British Antarctic Survey Upgrades Twin Otter with G950

Late last year, the British Antarctic Survey (BAS) – Natural Environment Research Council completed their first Twin Otter G950 integrated flight deck upgrade for their fleet of specialized aircraft. Aviation has long been a means of travel to and from Antarctica, but the additional services these aircraft provide is invaluable to their goal of expanding polar science and operations. BAS Project Pilot Andrew Vidamour took time to discuss their organization’s unique efforts and why they chose the G950 for their extreme mission. Here is their story:

For over 60 years, the British Antarctic Survey (BAS) has been responsible for most of the UK’s scientific research in Antarctica. The BAS Air Unit operates and manages an integrated fleet of aircraft for research, survey and polar logistics. With the aim to execute a challenging programme of airborne science and logistics and to provide a worldwide capability that gives the environmental science community access to a range of aircraft platforms and instrumentation. The fleet comprises of five specially adapted aircraft (De Havilland Canada Dash 7 and four Twin Otters).

At the beginning of each season the aircrew – eight pilots and four engineers – ferry the aircraft south from their base in the northern hemisphere. Flights in the Antarctic take place during the Antarctic summer, between October and March, as winter darkness and very cold temperatures prevent flying at other times.


Upgrade taking place at Rocky Mountain Aircraft’s Hangar in Calgary. The pilot’s iPad uses Flightstream 210 to communicate with G950 and receive GPS position data for custom Antarctic charts.

In 2012 the Air Unit embarked upon an avionics upgrade program for our fleet of De Havilland DHC-6 aircraft. The list of requirements included operation down to -40°C without pre-heating and the ability to navigate at the earth’s magnetic and geographic poles. After various evaluations and research into other avionics fits we settled on the Garmin 950 Integrated Flight Deck STC offered by Aerocorp Avionic Solutions.


Old versus new primary flight instruments

Items that influenced the decision were:

  • An AHRS that would allow Grid Navigation (the GRS 7800)
  • Ability to carry out nearly the full range of RNP Approaches (RNP AR not currently supported) and operate in PBN airspace.
  • ADS-B Out and In on 1090Mhz and UAT.
  • Compliance with European Enhanced Mode S.
  • Integrated Sat Phone (GSR 56) with voice and messaging.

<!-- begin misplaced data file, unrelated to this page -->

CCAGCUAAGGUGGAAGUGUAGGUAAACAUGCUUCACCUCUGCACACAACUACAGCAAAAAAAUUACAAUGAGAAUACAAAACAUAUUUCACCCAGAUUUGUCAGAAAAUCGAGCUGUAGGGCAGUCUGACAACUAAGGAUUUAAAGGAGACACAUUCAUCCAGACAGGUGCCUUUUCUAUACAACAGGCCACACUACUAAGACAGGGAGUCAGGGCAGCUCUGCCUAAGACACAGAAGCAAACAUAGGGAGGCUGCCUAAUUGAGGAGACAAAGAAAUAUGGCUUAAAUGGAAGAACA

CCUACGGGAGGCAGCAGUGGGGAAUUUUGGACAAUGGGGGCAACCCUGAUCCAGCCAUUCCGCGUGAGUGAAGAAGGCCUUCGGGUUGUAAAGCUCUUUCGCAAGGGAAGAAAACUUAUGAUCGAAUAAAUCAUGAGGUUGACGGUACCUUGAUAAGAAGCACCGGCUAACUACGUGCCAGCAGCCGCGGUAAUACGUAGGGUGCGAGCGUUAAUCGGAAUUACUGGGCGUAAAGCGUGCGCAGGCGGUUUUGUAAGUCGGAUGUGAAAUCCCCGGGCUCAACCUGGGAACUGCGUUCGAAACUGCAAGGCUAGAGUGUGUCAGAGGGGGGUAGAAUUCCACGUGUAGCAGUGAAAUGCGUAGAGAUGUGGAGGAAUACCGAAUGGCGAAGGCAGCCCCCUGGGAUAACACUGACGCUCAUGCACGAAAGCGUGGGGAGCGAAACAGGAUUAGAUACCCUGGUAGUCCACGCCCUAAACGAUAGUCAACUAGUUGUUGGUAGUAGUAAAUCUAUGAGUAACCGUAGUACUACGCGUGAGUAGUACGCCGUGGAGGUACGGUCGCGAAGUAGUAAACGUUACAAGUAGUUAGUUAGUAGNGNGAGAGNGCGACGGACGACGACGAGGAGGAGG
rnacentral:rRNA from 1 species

• The expansion of the G950/G1000 line of avionics and its growing list of optional equipment.

An example of the terrain features along the coast of the Antarctic Peninsula and the corresponding view of the G950 synthetic vision on the PFD.

The aircraft upgrade was carried out by Rocky Mountain Aircraft of Calgary, Alberta in 2015. The first aircraft to be upgraded was a DHC-6 300 series VP-FBL and was ferried from Calgary Springbank airport to our operating base at Rothera Research Station in Antarctica, a ferry flight of 10 days. Once in Antarctica the aircraft carried out various tasks including deployment of science staff and equipment to Glaciers and ice shelves, and cargo logistics to field depots involving carriage of 55 USGAL drums of Jet Fuel. They also completed aerial survey of geographic features, seal and penguin colony’s, plus training of additional staff on the new Garmin cockpit.


An excellent feature is being able to overlay weather radar information onto the moving map allowing a cross check of terrain with the GPS mapping.

The major test of the new flight deck was during the month and a half long deployment to the Antarctic High Plateau where the temperatures reached -32’C at an altitude of 8000ft. The aircraft and the flight deck was able to conduct a battery start without external assistance during the start sequence after being cold soaked on one occasion for 48 hrs.


On the left, a rarely seen example of what happens to a GPS display when approaching the South Pole. The majority of GPS maps use a form of Mercator projection which doesn’t like the idea that you are approaching the edge of the world. On the right, the radar return is the large South Pole station.

The survey culminated with a 2-week detachment to the USAP station at the South Pole at an elevation in excess of 9000ft, with temperatures constant at around -30’C. The aircraft started and operated once again without issue, although heaters were now used at the South Pole to pre-heat the aircraft.

After the completion of its season in Antarctica, the snag list for the aircraft upon returning to its Calgary start point was exceptionally small considering this was only the second Twin Otter to be equipped with the G950 flight deck. The Garmin G950 performs well and has also been installed in two other BAS aircraft during 2016 and another scheduled due for upgrade in 2017.


VP-FBL and its G950 flight deck were subjected to the rigours of the South Pole for a 2-week deployment, shown here next to the ceremonial South Pole marker.

-Story by Andrew Vidamour, DHC-6 Garmin G950 Project Pilot

We would like to extend a special thanks to BAS Project Pilot Andrew Vidamour and the entire British Antarctic Survey team for sharing their story. For more Garmin aviation announcements, news and stories, follow us on Facebook, Twitter and Instagram – plus be sure to share all your aviation adventures with us using #flyGarmin.